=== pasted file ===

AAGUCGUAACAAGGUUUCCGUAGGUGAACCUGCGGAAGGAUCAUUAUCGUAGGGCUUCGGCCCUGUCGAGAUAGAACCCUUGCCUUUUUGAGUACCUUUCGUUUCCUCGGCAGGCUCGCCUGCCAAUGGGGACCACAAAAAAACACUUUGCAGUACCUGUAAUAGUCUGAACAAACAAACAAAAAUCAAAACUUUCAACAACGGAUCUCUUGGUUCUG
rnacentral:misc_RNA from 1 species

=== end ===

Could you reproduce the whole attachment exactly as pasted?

AAGUCGUAACAAGGUUUCCGUAGGUGAACCUGCGGAAGGAUCAUUAUCGUAGGGCUUCGGCCCUGUCGAGAUAGAACCCUUGCCUUUUUGAGUACCUUUCGUUUCCUCGGCAGGCUCGCCUGCCAAUGGGGACCACAAAAAAACACUUUGCAGUACCUGUAAUAGUCUGAACAAACAAACAAAAAUCAAAACUUUCAACAACGGAUCUCUUGGUUCUG
rnacentral:misc_RNA from 1 species